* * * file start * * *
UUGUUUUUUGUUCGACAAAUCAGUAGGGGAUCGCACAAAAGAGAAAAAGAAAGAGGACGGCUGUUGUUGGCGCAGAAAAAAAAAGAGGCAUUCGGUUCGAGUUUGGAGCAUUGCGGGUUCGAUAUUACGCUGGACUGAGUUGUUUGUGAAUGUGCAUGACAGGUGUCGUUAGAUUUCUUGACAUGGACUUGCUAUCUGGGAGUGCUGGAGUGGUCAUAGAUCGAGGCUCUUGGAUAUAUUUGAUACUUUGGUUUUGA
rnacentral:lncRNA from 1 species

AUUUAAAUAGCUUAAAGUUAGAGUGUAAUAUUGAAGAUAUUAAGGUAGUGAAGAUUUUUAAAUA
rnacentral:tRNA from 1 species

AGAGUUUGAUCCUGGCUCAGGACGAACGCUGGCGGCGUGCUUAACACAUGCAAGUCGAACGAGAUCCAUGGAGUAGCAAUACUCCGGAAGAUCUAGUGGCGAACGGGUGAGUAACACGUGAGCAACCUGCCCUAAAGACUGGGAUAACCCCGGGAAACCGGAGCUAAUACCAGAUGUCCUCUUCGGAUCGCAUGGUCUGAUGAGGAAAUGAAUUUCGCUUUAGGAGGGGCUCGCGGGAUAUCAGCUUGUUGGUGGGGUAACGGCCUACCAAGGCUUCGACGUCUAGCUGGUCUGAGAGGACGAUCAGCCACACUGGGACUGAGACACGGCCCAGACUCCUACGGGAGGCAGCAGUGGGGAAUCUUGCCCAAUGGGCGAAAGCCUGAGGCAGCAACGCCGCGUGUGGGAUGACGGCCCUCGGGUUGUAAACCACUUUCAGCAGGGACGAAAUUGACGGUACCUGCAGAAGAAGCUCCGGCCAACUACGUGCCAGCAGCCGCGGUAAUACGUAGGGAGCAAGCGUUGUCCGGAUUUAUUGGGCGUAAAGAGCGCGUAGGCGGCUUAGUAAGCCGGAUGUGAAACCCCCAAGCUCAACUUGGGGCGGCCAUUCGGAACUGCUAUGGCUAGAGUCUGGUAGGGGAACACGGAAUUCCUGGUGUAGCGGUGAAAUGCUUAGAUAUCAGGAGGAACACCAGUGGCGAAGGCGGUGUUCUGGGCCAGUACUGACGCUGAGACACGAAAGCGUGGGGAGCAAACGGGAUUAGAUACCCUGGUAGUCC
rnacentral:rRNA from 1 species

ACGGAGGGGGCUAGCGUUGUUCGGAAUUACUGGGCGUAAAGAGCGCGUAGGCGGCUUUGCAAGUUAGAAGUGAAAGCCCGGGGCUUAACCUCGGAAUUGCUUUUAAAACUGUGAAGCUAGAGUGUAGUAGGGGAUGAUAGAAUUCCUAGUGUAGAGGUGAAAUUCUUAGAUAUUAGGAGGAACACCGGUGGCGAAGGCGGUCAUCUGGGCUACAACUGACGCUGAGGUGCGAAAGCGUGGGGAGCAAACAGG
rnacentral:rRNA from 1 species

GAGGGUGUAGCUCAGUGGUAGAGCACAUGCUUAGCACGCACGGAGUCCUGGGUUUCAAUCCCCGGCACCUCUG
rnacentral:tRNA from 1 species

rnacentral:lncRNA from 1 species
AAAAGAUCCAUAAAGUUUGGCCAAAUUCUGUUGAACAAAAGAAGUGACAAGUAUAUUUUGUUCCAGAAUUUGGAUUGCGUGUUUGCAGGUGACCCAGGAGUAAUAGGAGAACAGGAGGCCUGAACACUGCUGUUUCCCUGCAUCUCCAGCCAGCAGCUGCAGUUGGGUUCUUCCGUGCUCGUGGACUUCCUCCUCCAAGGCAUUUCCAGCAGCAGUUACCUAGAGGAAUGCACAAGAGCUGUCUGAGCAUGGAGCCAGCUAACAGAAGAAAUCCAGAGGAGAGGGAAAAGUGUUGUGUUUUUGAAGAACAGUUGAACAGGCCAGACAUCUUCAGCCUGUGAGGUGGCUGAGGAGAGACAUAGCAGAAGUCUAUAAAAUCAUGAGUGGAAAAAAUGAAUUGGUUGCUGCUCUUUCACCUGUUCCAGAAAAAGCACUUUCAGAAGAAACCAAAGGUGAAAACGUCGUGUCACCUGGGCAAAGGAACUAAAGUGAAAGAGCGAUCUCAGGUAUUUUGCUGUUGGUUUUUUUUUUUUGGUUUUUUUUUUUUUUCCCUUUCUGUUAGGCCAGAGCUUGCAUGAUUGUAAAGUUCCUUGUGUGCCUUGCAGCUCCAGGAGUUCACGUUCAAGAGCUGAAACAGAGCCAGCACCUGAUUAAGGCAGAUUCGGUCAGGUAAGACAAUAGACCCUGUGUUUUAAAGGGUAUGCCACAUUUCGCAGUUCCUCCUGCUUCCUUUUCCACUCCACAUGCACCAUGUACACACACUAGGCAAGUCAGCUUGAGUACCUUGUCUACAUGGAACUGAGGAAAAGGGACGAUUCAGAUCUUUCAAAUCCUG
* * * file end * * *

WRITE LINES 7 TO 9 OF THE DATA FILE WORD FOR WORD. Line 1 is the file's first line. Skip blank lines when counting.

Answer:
ACGGAGGGGGCUAGCGUUGUUCGGAAUUACUGGGCGUAAAGAGCGCGUAGGCGGCUUUGCAAGUUAGAAGUGAAAGCCCGGGGCUUAACCUCGGAAUUGCUUUUAAAACUGUGAAGCUAGAGUGUAGUAGGGGAUGAUAGAAUUCCUAGUGUAGAGGUGAAAUUCUUAGAUAUUAGGAGGAACACCGGUGGCGAAGGCGGUCAUCUGGGCUACAACUGACGCUGAGGUGCGAAAGCGUGGGGAGCAAACAGG
rnacentral:rRNA from 1 species

GAGGGUGUAGCUCAGUGGUAGAGCACAUGCUUAGCACGCACGGAGUCCUGGGUUUCAAUCCCCGGCACCUCUG